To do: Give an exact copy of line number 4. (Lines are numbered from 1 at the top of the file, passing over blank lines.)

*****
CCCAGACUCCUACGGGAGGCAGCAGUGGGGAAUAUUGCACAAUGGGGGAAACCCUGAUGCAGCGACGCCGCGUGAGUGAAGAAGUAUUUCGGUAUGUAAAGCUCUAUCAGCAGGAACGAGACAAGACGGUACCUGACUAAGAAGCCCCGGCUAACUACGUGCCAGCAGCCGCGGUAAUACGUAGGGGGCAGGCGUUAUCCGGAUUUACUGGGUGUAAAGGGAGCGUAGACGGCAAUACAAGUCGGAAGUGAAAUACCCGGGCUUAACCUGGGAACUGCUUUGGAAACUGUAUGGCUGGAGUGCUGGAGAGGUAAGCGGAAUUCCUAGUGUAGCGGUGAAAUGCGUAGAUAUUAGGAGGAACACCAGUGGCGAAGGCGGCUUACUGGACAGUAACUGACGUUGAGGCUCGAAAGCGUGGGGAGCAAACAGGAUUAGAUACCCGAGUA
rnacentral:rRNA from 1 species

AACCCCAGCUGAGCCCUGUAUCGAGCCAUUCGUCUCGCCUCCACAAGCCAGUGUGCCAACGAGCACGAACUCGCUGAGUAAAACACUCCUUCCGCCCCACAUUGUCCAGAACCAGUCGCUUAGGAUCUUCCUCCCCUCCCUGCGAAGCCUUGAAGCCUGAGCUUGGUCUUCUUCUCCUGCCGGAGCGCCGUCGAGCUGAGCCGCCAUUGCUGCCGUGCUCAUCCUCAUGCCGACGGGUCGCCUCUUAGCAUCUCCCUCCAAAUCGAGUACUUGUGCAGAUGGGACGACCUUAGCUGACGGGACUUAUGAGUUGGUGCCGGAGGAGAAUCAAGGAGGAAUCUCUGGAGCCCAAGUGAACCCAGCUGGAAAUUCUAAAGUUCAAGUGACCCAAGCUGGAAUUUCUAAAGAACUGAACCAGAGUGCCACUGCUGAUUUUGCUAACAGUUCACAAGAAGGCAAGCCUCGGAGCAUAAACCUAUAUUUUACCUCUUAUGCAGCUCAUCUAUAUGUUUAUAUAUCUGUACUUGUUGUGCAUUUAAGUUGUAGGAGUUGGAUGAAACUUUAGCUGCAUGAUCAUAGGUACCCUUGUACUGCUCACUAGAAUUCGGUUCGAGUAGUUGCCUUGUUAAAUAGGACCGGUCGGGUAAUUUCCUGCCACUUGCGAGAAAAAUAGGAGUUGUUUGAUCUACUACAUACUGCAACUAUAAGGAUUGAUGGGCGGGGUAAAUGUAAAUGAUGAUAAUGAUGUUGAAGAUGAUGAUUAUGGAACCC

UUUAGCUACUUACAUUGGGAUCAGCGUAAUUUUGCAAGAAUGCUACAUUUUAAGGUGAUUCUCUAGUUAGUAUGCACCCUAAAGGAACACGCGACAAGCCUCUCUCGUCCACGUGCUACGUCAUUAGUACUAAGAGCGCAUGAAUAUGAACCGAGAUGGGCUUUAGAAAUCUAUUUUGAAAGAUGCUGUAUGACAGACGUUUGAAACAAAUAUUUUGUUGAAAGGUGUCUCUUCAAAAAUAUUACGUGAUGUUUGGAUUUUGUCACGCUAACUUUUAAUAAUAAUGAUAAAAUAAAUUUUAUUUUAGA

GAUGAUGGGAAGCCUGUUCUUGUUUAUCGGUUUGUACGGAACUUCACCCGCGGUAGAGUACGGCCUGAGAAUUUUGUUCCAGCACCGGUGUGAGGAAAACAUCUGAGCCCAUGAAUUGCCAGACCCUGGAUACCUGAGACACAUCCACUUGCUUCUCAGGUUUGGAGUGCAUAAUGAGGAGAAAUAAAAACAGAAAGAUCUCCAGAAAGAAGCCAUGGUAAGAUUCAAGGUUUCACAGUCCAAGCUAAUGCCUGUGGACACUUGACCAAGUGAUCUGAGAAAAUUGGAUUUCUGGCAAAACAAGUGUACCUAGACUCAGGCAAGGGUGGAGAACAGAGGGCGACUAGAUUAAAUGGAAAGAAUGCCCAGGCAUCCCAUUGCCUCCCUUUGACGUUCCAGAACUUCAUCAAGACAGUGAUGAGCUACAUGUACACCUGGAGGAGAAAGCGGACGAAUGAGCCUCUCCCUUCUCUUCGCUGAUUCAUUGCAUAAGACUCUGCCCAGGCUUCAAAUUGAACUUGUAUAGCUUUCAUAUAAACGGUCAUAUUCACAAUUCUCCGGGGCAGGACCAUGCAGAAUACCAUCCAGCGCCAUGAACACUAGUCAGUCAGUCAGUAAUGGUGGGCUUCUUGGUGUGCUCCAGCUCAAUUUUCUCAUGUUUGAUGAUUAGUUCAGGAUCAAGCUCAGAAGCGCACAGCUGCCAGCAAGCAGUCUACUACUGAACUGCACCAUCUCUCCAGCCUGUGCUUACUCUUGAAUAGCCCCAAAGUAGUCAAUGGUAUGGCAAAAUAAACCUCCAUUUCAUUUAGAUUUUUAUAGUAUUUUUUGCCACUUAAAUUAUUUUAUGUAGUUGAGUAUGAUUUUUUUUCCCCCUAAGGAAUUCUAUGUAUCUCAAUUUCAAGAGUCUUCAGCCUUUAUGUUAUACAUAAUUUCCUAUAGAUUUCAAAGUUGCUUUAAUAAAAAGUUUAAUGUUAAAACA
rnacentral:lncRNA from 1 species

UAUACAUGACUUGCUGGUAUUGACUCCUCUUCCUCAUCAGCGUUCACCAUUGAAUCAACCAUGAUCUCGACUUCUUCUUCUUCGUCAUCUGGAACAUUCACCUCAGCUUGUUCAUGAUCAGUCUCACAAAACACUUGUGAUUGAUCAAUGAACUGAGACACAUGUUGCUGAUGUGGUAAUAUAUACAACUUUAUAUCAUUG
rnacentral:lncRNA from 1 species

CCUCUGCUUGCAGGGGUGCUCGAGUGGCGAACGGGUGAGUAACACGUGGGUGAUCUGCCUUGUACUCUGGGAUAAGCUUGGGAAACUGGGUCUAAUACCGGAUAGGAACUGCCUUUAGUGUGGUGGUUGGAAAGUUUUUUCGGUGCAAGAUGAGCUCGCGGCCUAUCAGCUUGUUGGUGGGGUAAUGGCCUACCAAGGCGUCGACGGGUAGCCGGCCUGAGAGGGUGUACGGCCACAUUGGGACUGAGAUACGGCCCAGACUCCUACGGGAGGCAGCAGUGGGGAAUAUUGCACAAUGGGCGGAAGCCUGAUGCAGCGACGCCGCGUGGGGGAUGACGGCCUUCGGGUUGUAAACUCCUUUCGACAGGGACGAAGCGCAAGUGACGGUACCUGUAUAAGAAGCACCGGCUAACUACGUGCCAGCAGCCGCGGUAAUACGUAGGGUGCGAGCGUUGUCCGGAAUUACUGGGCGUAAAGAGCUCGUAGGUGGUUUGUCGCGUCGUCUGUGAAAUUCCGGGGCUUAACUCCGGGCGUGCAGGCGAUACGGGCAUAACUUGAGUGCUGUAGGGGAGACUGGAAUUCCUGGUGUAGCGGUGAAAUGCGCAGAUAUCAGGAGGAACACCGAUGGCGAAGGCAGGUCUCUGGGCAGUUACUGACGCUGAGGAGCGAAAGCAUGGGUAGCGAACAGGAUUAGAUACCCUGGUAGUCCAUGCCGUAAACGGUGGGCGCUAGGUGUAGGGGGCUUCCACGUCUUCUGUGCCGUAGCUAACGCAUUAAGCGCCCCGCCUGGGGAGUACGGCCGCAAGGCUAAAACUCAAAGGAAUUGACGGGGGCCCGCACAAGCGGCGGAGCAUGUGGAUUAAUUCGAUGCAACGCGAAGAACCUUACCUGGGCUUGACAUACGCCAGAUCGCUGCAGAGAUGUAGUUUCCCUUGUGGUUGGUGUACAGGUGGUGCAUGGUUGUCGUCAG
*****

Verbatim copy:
UUUAGCUACUUACAUUGGGAUCAGCGUAAUUUUGCAAGAAUGCUACAUUUUAAGGUGAUUCUCUAGUUAGUAUGCACCCUAAAGGAACACGCGACAAGCCUCUCUCGUCCACGUGCUACGUCAUUAGUACUAAGAGCGCAUGAAUAUGAACCGAGAUGGGCUUUAGAAAUCUAUUUUGAAAGAUGCUGUAUGACAGACGUUUGAAACAAAUAUUUUGUUGAAAGGUGUCUCUUCAAAAAUAUUACGUGAUGUUUGGAUUUUGUCACGCUAACUUUUAAUAAUAAUGAUAAAAUAAAUUUUAUUUUAGA